Fairfax School Board Continues Its One-Sided View of Transgender Issues


The Fairfax County School Board’s October 6 meeting focused largely on transgender issues.  The auditorium was packed with LGBT students and supporters.  The Board chairman opened the meeting with a prepared statement that left little doubt about the Board’s intent to challenge the Virginia Department of Education’s (VDOE) new transgender policy (“the Model Policy”).  Another Board member then played to the crowd by attempting to add a new item to the agenda to show support for the LGBT community.  Each Board member then made a speech about transgender issues.  And almost all the two-minute presentations during the community-participation segment of the meeting were in opposition to the Model Policy.

This post reports on the highlights of the meeting.

A video of the entire meeting can be seen HERE.  Other developments on the transgender issue have been summarized in a series of six recent articles on this site.

Opening Remarks by the Board Chairman

The School Board meetings usually follow a set agenda, but the Board’s chairman, Rachna Sizemore Heizer, departed from it at the outset of this meeting.  She read a prepared statement expressing the Board’s strong support for transgender students.  She didn’t expressly state how the Board intends to act when the Model Policy becomes effective (it is currently in a 30-day period for public comment), but she outlined the probable grounds on which it will be challenged.  She cited the Virginia Human Rights Act, Title IX of the federal education statute, and a court of appeals decision regarding bathroom use by transgender students.  She also suggested that the Model Policy violates the Virginia statute that required VDOE to develop a transgender policy, because the Model Policy allegedly is not “evidence based” as required by the statute.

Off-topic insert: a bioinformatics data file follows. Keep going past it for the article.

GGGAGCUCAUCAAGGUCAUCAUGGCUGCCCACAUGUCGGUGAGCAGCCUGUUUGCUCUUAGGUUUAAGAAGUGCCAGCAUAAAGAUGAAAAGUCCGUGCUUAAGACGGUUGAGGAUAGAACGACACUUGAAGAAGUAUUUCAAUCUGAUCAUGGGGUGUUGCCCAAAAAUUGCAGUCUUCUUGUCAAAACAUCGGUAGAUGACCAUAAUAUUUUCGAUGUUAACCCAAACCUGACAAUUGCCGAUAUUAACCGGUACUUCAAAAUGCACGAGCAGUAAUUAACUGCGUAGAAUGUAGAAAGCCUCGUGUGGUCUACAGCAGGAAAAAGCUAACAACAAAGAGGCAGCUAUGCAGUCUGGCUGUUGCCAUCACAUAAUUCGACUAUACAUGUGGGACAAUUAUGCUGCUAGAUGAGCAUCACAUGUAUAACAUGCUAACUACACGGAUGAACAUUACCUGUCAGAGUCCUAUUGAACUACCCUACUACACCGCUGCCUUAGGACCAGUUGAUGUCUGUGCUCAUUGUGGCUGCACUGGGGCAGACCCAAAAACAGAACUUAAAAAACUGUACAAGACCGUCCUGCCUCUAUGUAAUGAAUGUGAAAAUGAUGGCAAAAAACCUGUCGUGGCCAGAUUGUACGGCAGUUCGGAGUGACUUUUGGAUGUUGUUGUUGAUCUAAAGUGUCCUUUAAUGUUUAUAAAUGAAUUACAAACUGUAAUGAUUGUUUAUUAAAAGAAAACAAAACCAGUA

It is possible that the Model Policy will be amended somewhat after the 30-day public-comment period has passed.  Presumably, however, all or most of it will remain intact, particularly its recognition and protection of parental rights.  What will the Fairfax County School Board do then?  This isn’t yet clear, but one of two things seems likely.  The Board might simply defy the VDOE, forcing the Commonwealth to file suit to compel compliance.  Or, the Board might affirmatively challenge the Policy with its own lawsuit.  One thing is clear, however: A legal confrontation will occur.

Motion to Amend the Meeting Agenda